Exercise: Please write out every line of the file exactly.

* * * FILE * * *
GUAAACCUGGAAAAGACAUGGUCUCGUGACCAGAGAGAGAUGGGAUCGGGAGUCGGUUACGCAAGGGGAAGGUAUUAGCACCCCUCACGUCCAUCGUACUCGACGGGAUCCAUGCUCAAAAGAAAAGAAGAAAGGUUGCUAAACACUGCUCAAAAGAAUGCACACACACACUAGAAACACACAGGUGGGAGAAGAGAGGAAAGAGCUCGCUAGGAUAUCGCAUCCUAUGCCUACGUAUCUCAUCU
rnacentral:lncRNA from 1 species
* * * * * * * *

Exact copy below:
GUAAACCUGGAAAAGACAUGGUCUCGUGACCAGAGAGAGAUGGGAUCGGGAGUCGGUUACGCAAGGGGAAGGUAUUAGCACCCCUCACGUCCAUCGUACUCGACGGGAUCCAUGCUCAAAAGAAAAGAAGAAAGGUUGCUAAACACUGCUCAAAAGAAUGCACACACACACUAGAAACACACAGGUGGGAGAAGAGAGGAAAGAGCUCGCUAGGAUAUCGCAUCCUAUGCCUACGUAUCUCAUCU
rnacentral:lncRNA from 1 species